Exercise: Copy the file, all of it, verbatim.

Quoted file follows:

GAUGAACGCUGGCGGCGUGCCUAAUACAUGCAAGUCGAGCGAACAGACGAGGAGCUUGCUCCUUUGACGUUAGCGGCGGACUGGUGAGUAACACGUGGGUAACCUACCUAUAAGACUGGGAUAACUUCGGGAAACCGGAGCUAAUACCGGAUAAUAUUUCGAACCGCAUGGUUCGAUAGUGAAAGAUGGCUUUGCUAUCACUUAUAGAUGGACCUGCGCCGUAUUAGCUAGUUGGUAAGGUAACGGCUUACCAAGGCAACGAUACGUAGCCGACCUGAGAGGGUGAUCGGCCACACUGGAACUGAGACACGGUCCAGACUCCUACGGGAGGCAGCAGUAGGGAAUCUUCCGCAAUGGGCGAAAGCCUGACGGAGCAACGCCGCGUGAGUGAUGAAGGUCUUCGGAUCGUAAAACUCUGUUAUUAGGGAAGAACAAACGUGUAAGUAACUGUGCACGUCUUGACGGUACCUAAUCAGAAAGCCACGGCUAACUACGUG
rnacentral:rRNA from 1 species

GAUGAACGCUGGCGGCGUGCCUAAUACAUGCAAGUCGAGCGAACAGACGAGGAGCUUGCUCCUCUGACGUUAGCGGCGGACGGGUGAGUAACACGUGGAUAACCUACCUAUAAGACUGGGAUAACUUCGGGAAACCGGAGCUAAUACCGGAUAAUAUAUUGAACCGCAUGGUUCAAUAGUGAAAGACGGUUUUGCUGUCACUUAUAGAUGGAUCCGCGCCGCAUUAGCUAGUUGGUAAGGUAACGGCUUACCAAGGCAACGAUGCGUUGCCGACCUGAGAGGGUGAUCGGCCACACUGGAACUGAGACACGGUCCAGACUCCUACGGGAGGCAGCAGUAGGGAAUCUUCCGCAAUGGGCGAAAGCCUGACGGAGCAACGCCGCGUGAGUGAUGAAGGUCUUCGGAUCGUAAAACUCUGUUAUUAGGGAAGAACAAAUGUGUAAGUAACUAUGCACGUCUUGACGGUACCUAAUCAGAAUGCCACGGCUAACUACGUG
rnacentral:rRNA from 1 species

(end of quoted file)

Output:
GAUGAACGCUGGCGGCGUGCCUAAUACAUGCAAGUCGAGCGAACAGACGAGGAGCUUGCUCCUUUGACGUUAGCGGCGGACUGGUGAGUAACACGUGGGUAACCUACCUAUAAGACUGGGAUAACUUCGGGAAACCGGAGCUAAUACCGGAUAAUAUUUCGAACCGCAUGGUUCGAUAGUGAAAGAUGGCUUUGCUAUCACUUAUAGAUGGACCUGCGCCGUAUUAGCUAGUUGGUAAGGUAACGGCUUACCAAGGCAACGAUACGUAGCCGACCUGAGAGGGUGAUCGGCCACACUGGAACUGAGACACGGUCCAGACUCCUACGGGAGGCAGCAGUAGGGAAUCUUCCGCAAUGGGCGAAAGCCUGACGGAGCAACGCCGCGUGAGUGAUGAAGGUCUUCGGAUCGUAAAACUCUGUUAUUAGGGAAGAACAAACGUGUAAGUAACUGUGCACGUCUUGACGGUACCUAAUCAGAAAGCCACGGCUAACUACGUG
rnacentral:rRNA from 1 species

GAUGAACGCUGGCGGCGUGCCUAAUACAUGCAAGUCGAGCGAACAGACGAGGAGCUUGCUCCUCUGACGUUAGCGGCGGACGGGUGAGUAACACGUGGAUAACCUACCUAUAAGACUGGGAUAACUUCGGGAAACCGGAGCUAAUACCGGAUAAUAUAUUGAACCGCAUGGUUCAAUAGUGAAAGACGGUUUUGCUGUCACUUAUAGAUGGAUCCGCGCCGCAUUAGCUAGUUGGUAAGGUAACGGCUUACCAAGGCAACGAUGCGUUGCCGACCUGAGAGGGUGAUCGGCCACACUGGAACUGAGACACGGUCCAGACUCCUACGGGAGGCAGCAGUAGGGAAUCUUCCGCAAUGGGCGAAAGCCUGACGGAGCAACGCCGCGUGAGUGAUGAAGGUCUUCGGAUCGUAAAACUCUGUUAUUAGGGAAGAACAAAUGUGUAAGUAACUAUGCACGUCUUGACGGUACCUAAUCAGAAUGCCACGGCUAACUACGUG
rnacentral:rRNA from 1 species